Managing euphoria

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PROVIDENCE, R.I. — The biggest challenge facing the Providence players as they recently finished an energetic practice at Schneider Arena was simply containing their euphoria after earning their first Frozen Four berth in 30 years.

PC (24-13-2) takes on Omaha (20-12-6) in the national semifinals on Thursday at the Garden. The Friars’ 24 wins are the most program victories since another Frozen Four entry had 33 in 1982-83.

PC last made the Frozen Four in 1985 and lost in the championship game to RPI at Joe Louis Arena in Detroit.
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“Well, it took me two days to answer all my emails and text messages,” said PC’s Nate Leaman, one of just 16 coaches to lead two different teams (Union (N.Y.) and PC) to the NCAA tournament.

“There’s a lot of people around the program right now who are just as excited as the guys. But, like we told the guys, every time that a person pats you on the back just remember that there are two games left. The job isn’t done. It’s a business trip.”

Leaman said his main task leading to the bus ride to Boston is to refocus his skaters.

“Right now, we’re just getting rest and getting back to the compete level. The key thing is to get all the distractions, like tickets and stuff, out of the way, and we can really zone in,” he said.

There is little doubt that the Friars’ chances hinge on the talent of 6-foot-5 junior goalkeeper Jon Gillies, who boasts a 2.01 goals-against average and .929 save percentage. He’s one of four PC players named to the NCAA All-East Regional squad after outgunning Miami, 7-5, in a wild shootout and then stifling Denver’s offense, 4-1.

“You just want to make sure that you’re doing the right thing away from the ice, getting your rest,” Gillies said. “It’s a fun time of the year. It brings a lot of added excitement coming to the rink each day. There are only four teams left. We want to keep our energy level up. We want to compete for a national championship.”

Friars co-captain Ross Mauermann (52 goals, 58 assists in 154 career games) agreed.

“This time of year, when you’re still playing and a lot of teams aren’t, is exciting,” said the 5-foot-9 spark plug. “But, Nebraska-Omaha has skilled forwards like Miami so we have to try and close time and space on them. It’s a new challenge ahead of us.”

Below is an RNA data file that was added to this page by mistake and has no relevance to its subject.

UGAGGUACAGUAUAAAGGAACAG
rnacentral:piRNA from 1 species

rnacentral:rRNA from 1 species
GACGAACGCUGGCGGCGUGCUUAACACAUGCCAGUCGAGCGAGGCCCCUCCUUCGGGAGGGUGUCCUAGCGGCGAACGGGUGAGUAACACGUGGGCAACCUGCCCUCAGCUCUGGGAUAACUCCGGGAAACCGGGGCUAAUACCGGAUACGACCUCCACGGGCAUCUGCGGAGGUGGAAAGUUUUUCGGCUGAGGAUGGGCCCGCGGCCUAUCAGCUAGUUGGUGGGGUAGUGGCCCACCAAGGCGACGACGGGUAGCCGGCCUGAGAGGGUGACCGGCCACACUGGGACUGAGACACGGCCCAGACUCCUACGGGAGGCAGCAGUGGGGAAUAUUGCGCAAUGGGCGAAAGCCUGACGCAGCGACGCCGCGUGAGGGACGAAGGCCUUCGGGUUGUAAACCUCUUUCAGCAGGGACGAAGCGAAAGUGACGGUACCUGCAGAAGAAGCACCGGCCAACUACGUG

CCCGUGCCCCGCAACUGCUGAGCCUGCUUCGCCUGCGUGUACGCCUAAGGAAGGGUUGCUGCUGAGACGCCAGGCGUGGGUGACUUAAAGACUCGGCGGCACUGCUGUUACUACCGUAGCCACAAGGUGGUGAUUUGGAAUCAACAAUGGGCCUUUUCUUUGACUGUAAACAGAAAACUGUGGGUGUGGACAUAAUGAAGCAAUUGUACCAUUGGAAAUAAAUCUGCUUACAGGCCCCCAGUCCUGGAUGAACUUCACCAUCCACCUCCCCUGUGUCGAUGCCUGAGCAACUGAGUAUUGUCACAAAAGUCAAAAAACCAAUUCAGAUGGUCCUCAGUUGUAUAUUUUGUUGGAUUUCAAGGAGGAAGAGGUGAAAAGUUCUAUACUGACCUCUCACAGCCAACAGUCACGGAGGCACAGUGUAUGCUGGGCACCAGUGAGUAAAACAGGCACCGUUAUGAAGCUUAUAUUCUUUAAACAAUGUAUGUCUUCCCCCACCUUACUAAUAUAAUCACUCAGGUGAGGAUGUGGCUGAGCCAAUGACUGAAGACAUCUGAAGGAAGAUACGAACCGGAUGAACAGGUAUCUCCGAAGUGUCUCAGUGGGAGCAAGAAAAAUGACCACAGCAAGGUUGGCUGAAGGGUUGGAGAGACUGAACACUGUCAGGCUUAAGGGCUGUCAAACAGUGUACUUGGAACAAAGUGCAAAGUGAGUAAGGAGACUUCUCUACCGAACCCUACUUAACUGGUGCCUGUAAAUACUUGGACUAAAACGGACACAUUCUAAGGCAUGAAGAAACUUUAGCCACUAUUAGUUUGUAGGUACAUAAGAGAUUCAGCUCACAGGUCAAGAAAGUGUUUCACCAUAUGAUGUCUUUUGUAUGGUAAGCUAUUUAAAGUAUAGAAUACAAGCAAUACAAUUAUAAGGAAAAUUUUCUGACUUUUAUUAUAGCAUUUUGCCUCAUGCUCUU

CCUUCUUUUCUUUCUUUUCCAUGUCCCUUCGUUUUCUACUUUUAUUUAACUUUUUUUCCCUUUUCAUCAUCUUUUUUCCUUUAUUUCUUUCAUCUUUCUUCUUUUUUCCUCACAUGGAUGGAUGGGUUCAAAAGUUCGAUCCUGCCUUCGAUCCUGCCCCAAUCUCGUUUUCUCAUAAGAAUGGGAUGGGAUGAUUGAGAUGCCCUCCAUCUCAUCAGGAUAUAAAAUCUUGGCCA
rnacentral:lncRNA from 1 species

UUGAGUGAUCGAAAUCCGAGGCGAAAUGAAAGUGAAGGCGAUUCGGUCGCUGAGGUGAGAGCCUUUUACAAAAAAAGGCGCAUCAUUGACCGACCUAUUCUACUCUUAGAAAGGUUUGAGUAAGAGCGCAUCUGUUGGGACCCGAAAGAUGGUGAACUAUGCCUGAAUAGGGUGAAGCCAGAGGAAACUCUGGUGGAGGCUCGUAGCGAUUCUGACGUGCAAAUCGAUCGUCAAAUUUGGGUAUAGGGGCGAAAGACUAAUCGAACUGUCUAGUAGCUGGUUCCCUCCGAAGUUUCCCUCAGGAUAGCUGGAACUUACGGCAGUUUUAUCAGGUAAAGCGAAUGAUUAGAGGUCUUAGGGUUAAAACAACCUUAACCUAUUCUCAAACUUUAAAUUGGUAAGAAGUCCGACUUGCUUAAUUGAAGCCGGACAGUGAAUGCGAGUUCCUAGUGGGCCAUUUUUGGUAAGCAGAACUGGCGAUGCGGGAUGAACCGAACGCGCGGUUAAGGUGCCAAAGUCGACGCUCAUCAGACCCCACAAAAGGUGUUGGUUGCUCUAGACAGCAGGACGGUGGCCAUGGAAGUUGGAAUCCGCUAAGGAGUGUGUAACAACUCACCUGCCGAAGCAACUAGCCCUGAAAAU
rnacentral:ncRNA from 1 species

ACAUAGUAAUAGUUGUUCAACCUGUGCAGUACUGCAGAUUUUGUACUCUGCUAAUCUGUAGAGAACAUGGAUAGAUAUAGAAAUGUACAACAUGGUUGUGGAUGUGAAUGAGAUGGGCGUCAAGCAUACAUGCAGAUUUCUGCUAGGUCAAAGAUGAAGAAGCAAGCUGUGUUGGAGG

No Friar owns more of a Frozen Four connection than junior forward Kevin Rooney of Canton. An uncle, Steve Rooney, scored the game-winning goal to beat Boston College in double overtime in the very first Hockey East title game, which propelled Providence into the 1985 NCAA tournament. Cousin Joe Rooney appeared in two NCAA title games for BC against Wisconsin in 2006 and against Michigan State in 2007.

“I definitely think the Friar family is tight. Last year, we had the 1964 team come back. We had their emblem on our jerseys to represent the 50th anniversary of their Frozen Four, and those guys just talked about how much of a great time it was when they played in it. I think we’re just grateful that we have such a good family and such a great alumni that come back,” said Rooney said, who cemented PC’s Frozen Four trip by finding the empty net against Denver at 19:07 of the third.

“Yeah, it felt pretty good. Once we got the third goal, we weren’t really sure because the night before [Miami] was coming back with the goalie pulled. Once we got the fourth one, it was a pretty good feeling. But, as I was skating up the ice there, I think the net was getting a little smaller.”

This article was written by John Connolly from Boston Herald and was legally licensed through the NewsCred publisher network.

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